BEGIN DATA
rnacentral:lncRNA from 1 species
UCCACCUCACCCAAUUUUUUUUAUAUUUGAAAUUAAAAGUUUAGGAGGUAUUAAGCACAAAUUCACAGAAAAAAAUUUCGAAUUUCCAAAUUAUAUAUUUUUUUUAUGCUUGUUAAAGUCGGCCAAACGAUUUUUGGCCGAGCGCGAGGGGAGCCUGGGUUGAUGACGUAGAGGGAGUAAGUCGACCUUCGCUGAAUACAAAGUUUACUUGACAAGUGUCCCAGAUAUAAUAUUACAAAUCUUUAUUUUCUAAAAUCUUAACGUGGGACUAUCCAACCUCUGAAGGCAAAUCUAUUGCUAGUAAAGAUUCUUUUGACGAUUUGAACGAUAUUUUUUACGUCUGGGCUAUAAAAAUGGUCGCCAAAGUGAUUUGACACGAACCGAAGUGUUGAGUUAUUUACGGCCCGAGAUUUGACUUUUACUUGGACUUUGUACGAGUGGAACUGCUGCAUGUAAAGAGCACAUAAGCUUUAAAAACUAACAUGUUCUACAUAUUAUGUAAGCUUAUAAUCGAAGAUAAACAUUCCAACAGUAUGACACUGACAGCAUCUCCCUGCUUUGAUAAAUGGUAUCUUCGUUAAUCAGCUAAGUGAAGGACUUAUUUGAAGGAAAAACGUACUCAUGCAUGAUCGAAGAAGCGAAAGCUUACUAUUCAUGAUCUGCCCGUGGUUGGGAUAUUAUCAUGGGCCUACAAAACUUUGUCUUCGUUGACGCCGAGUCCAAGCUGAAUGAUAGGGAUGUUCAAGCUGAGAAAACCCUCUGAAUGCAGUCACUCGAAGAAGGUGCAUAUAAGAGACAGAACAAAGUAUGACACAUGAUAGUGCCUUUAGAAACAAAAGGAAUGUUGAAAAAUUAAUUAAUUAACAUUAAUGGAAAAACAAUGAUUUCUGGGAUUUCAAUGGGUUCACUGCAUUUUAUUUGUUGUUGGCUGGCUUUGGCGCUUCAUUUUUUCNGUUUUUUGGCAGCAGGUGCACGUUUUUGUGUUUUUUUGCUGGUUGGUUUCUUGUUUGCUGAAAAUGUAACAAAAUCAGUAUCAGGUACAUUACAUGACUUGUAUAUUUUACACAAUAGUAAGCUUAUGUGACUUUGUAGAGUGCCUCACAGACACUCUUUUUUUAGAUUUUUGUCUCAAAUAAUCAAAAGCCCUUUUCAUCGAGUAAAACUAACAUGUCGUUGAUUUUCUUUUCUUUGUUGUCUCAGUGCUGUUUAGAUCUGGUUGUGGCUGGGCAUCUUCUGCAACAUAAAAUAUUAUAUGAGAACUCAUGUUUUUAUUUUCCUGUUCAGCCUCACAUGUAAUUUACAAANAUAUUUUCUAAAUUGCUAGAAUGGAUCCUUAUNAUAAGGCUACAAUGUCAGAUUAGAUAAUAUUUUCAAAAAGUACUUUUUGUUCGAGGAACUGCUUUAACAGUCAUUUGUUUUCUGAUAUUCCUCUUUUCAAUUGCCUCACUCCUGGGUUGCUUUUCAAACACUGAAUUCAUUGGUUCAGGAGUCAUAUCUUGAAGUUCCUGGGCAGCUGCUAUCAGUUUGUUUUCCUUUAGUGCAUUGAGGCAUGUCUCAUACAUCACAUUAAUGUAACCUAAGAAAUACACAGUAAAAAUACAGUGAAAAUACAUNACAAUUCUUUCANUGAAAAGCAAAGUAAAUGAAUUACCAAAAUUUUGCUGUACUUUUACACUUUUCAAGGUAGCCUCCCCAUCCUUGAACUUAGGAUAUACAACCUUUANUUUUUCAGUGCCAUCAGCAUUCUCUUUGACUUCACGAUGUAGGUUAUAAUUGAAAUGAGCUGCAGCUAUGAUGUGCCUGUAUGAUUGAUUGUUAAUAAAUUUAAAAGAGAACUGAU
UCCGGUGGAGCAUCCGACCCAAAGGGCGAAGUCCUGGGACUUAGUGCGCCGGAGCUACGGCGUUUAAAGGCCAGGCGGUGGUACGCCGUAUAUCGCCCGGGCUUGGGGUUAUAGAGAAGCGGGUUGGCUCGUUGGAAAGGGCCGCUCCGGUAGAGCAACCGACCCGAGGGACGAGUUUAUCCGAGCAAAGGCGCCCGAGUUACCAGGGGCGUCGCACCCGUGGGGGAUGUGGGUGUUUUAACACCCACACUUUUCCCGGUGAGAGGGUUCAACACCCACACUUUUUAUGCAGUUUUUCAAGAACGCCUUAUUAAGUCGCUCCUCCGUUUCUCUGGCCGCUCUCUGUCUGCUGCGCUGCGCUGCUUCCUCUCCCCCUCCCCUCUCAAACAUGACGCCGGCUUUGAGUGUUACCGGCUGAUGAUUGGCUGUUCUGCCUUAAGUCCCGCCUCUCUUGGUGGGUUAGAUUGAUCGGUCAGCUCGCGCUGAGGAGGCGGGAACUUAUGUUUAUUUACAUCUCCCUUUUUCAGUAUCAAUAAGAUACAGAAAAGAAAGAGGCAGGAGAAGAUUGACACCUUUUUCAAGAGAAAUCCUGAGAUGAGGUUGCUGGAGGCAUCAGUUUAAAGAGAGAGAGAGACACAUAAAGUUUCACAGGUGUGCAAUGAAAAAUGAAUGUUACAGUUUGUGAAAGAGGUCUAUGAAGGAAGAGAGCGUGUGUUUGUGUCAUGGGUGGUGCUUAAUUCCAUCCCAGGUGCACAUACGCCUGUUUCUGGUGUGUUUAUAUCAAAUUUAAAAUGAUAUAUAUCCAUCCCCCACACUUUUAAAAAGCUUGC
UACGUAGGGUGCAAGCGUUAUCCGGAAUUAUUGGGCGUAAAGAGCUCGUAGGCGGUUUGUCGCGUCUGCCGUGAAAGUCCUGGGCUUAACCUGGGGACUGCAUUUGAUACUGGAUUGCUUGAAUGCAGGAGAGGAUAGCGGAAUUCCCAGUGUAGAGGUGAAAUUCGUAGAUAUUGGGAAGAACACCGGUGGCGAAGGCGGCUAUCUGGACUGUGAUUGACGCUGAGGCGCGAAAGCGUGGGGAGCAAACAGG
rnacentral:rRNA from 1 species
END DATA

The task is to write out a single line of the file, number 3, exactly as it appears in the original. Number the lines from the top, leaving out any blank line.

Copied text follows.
UCCGGUGGAGCAUCCGACCCAAAGGGCGAAGUCCUGGGACUUAGUGCGCCGGAGCUACGGCGUUUAAAGGCCAGGCGGUGGUACGCCGUAUAUCGCCCGGGCUUGGGGUUAUAGAGAAGCGGGUUGGCUCGUUGGAAAGGGCCGCUCCGGUAGAGCAACCGACCCGAGGGACGAGUUUAUCCGAGCAAAGGCGCCCGAGUUACCAGGGGCGUCGCACCCGUGGGGGAUGUGGGUGUUUUAACACCCACACUUUUCCCGGUGAGAGGGUUCAACACCCACACUUUUUAUGCAGUUUUUCAAGAACGCCUUAUUAAGUCGCUCCUCCGUUUCUCUGGCCGCUCUCUGUCUGCUGCGCUGCGCUGCUUCCUCUCCCCCUCCCCUCUCAAACAUGACGCCGGCUUUGAGUGUUACCGGCUGAUGAUUGGCUGUUCUGCCUUAAGUCCCGCCUCUCUUGGUGGGUUAGAUUGAUCGGUCAGCUCGCGCUGAGGAGGCGGGAACUUAUGUUUAUUUACAUCUCCCUUUUUCAGUAUCAAUAAGAUACAGAAAAGAAAGAGGCAGGAGAAGAUUGACACCUUUUUCAAGAGAAAUCCUGAGAUGAGGUUGCUGGAGGCAUCAGUUUAAAGAGAGAGAGAGACACAUAAAGUUUCACAGGUGUGCAAUGAAAAAUGAAUGUUACAGUUUGUGAAAGAGGUCUAUGAAGGAAGAGAGCGUGUGUUUGUGUCAUGGGUGGUGCUUAAUUCCAUCCCAGGUGCACAUACGCCUGUUUCUGGUGUGUUUAUAUCAAAUUUAAAAUGAUAUAUAUCCAUCCCCCACACUUUUAAAAAGCUUGC